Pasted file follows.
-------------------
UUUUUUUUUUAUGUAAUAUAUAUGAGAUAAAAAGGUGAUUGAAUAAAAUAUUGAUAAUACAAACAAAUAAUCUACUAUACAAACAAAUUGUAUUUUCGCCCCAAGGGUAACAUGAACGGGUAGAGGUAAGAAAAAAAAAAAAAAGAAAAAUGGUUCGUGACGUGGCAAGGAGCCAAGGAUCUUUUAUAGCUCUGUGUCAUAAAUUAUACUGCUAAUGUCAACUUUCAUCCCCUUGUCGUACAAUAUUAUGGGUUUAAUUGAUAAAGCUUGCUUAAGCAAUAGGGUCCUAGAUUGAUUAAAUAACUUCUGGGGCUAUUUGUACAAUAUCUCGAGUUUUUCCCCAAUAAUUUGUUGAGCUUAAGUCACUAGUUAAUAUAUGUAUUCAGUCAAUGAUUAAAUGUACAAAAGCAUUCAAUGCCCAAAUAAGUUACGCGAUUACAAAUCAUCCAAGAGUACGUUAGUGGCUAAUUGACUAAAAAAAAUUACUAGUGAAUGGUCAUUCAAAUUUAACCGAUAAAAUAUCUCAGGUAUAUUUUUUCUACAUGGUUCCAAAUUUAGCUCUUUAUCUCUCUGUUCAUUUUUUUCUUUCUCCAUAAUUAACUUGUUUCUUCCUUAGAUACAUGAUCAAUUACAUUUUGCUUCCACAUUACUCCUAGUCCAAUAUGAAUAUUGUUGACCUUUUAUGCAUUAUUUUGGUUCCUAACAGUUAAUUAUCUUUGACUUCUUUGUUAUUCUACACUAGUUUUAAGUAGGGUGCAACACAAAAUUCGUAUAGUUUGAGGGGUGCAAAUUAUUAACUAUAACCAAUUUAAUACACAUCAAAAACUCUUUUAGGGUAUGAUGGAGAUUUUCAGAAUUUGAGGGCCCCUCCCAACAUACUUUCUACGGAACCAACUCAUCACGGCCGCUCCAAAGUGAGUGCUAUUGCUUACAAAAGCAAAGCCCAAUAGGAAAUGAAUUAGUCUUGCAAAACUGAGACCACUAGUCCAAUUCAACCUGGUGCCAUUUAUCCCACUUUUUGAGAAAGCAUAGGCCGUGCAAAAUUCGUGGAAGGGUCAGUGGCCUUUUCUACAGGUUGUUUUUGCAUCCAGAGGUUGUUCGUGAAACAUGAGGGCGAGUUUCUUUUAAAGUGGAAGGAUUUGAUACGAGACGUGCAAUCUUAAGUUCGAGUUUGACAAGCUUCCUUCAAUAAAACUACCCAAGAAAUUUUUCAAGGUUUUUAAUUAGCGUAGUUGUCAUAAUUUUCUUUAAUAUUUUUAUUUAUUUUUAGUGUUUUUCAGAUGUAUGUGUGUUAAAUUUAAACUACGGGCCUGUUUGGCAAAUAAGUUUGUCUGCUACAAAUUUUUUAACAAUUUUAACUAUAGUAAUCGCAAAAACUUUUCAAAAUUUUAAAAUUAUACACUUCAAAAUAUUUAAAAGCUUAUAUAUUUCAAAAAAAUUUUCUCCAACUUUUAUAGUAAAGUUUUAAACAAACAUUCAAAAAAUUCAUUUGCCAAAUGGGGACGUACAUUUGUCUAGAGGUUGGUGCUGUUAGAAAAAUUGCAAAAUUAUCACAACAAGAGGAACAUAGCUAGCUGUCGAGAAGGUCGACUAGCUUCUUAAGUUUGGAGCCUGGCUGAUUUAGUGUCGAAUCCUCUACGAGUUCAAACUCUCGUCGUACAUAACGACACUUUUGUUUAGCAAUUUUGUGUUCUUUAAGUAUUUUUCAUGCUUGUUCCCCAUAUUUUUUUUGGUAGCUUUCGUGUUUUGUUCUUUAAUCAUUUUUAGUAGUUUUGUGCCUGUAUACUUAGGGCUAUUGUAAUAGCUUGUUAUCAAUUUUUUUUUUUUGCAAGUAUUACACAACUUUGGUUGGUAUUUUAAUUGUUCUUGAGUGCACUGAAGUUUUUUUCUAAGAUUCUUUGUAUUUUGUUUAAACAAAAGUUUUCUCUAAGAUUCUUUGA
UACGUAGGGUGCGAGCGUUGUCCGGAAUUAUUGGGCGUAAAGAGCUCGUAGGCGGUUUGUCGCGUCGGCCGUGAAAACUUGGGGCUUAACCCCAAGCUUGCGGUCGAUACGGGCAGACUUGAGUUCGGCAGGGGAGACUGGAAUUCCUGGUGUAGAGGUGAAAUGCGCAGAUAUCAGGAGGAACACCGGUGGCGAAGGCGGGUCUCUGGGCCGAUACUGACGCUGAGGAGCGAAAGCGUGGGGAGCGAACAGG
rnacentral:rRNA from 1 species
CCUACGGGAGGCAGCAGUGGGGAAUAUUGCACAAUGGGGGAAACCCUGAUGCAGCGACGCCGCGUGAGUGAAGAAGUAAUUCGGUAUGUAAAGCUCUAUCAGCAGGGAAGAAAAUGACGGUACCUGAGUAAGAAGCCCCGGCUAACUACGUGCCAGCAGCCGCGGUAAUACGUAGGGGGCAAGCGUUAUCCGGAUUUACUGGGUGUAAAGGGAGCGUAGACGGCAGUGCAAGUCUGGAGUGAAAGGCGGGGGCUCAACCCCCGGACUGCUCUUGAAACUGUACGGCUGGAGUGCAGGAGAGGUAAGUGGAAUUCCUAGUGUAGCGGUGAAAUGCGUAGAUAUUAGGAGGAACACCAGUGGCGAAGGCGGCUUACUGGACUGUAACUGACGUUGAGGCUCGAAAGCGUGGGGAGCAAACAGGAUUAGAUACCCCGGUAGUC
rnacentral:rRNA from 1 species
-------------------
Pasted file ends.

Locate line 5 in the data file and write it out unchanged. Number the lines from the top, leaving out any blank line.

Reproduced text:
rnacentral:rRNA from 1 species